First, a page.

In truth, the whole Cobnut or Filbert debate is pretty convoluted. While each traces its origins back to a different sub-species of Hazelnut, both are used largely interchangeably to describe different commercially viable cultivars of Hazel. 

I suppose for us hungry lay-men, all that matters is that both will provide all the benefits associated with this wonderful family of plants; Delicious, nutritious nuts, Ample coppice wood and a whole array of benefits for local wildlife. 

What does a name matter.  

Hazel Tree Uses

growing hazelnuts in shell

Timber & Coppice

For hundreds of years people have been growing Hazel trees for not only their ample supply of hazelnuts, but also for their excellent coppice. 

In practice, coppicing is a form of woodland management where certain types of trees are allowed to grow for a set period before being cut back to ground level, at which point the cycle restarts.

Hazel trees are particularly suited to this kind of management; They grow quickly, produce very versatile wood and enjoy much longer lifespans as a result of being coppiced. 

The wood harvested from a Hazel coppice can be used for a huge variety of purposes, largely depending on the size of the limbs when cut. Larger limbs were traditionally used for fencing & construction purposes due to their load-bearing strength, while smaller limbs were used for crafting, wattle fencing and framing due to their flexibility.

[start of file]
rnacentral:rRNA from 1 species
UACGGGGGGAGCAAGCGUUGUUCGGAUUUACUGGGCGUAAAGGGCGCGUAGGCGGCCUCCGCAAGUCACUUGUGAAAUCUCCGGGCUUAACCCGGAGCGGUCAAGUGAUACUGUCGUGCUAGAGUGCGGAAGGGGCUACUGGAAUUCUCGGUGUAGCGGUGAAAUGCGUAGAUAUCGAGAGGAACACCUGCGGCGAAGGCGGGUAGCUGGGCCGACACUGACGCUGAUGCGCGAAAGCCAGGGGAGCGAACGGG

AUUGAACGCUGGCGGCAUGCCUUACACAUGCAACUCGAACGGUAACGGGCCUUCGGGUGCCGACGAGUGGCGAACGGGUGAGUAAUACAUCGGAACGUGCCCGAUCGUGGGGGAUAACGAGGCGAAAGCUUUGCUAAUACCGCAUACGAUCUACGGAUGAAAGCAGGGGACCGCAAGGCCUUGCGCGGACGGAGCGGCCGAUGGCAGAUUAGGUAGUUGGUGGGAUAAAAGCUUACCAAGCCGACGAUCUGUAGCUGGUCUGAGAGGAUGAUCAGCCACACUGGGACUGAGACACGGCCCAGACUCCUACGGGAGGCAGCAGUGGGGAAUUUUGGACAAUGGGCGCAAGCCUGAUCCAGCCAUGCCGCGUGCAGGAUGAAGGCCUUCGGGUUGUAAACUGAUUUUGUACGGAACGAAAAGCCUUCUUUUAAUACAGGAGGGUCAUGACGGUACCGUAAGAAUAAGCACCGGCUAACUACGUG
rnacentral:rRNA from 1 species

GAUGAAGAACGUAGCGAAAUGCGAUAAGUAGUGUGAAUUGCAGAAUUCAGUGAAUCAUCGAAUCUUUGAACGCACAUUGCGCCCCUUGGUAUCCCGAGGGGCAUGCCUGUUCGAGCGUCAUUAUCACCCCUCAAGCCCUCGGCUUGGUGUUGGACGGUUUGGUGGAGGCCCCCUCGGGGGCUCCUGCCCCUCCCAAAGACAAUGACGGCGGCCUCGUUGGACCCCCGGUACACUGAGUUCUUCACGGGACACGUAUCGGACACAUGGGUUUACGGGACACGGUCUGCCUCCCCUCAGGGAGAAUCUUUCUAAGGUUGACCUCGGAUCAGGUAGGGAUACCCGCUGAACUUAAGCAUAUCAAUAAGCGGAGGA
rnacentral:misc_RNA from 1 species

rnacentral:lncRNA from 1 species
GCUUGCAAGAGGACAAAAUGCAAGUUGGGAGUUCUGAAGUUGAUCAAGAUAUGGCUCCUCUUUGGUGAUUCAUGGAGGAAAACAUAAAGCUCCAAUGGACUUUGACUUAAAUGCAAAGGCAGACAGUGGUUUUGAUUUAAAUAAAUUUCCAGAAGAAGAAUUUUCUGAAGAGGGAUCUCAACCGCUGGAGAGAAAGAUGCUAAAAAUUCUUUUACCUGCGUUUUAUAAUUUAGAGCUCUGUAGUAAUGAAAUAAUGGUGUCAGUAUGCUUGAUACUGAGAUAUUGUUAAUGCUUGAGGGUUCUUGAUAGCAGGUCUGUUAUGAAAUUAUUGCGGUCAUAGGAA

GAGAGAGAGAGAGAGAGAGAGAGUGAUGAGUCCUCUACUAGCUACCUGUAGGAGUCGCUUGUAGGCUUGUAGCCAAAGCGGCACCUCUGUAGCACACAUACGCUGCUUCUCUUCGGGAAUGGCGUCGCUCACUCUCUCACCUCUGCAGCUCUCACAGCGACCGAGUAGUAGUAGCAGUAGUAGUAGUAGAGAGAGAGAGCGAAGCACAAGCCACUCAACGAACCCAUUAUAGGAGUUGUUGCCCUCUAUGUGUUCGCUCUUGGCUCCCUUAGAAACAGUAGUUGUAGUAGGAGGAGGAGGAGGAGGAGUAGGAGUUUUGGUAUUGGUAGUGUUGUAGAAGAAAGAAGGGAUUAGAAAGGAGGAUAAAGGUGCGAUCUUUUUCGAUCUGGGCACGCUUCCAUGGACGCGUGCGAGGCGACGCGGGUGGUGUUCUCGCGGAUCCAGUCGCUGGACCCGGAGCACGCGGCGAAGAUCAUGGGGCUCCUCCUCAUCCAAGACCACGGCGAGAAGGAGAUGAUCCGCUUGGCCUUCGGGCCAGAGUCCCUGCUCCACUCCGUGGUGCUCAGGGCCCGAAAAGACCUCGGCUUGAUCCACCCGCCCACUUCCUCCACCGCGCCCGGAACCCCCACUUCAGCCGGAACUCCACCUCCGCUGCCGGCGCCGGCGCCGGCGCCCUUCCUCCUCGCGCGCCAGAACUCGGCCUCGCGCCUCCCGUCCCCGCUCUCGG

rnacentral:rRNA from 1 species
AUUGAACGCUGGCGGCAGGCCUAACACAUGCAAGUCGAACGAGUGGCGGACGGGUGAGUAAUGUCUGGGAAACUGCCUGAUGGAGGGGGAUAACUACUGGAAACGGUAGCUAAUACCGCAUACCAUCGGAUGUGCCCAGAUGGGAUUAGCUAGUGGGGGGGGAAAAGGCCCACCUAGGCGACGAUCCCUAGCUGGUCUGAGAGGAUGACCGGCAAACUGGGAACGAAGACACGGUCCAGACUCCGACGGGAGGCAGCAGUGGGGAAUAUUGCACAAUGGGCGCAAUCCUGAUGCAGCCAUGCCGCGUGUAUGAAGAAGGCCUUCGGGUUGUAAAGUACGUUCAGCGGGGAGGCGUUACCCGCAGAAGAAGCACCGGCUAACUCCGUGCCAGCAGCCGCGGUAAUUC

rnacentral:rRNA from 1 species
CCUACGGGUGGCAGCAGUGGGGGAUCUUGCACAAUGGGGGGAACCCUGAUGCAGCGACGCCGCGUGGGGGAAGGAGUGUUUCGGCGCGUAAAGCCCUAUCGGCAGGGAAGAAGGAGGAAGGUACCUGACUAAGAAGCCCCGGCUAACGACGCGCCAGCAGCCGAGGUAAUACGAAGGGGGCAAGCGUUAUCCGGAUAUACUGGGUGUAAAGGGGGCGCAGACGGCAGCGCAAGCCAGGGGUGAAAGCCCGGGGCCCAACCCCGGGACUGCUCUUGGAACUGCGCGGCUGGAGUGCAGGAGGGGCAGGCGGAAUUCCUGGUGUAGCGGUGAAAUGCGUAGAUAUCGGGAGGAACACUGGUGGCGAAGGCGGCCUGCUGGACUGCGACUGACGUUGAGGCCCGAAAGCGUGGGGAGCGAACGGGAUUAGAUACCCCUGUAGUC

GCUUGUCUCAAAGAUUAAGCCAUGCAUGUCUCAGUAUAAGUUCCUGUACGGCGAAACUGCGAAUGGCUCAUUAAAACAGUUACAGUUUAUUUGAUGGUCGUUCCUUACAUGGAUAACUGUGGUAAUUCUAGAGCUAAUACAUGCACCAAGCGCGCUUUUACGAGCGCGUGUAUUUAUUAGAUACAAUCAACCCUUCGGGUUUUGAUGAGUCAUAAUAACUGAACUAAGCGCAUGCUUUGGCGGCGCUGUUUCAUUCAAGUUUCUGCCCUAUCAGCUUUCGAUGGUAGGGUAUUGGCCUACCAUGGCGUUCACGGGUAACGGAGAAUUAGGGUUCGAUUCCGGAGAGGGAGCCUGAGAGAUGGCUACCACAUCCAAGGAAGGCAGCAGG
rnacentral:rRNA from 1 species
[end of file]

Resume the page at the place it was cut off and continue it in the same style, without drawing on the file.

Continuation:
Of course if you don’t have a need for such materials, Hazel wood can always be used as a fuel.

Regardless of the intended use, managing a coppiced patch of woodland is wonderful for local wildlife. The intermittent removal of the canopy layer allows for light to reach the woodland floor, providing much needed breathing room for a whole range of flora and fauna to thrive. 

Now while you can certainly still harvest an intermittent crop from this type of Hazel stand, it’s not really advisable. We’ve set our two hazel stands apart, maintaining the nut production with standard pruning techniques while coppicing our timber stand. 

At the end of the day the choice is up to you. Whatever you decide, growing Hazel trees for coppice wood pays huge dividends not only to the grower but also the surrounding environment, and is a great addition to any patch of land. 

Cooking & Nutrition

Of course for your average back-garden nut farmer, the quality and utility provided by a well managed coppice isn’t always going to be top of the list of concerns. It’s we came here for, and we would like them by the barrel full please. 

Hazelnuts have long been used as a staple crop, with evidence dating back at least 8,000 years suggesting their harvest and processing all the way up in sunny Scotland. Those ancient Scots had good taste. 

And it’s no surprise that we Humans have kept this nutritious little plant around for thousands of years since. The Hazelnut itself is an amazingly versatile crop, which grows quickly and easily across a huge range of climates.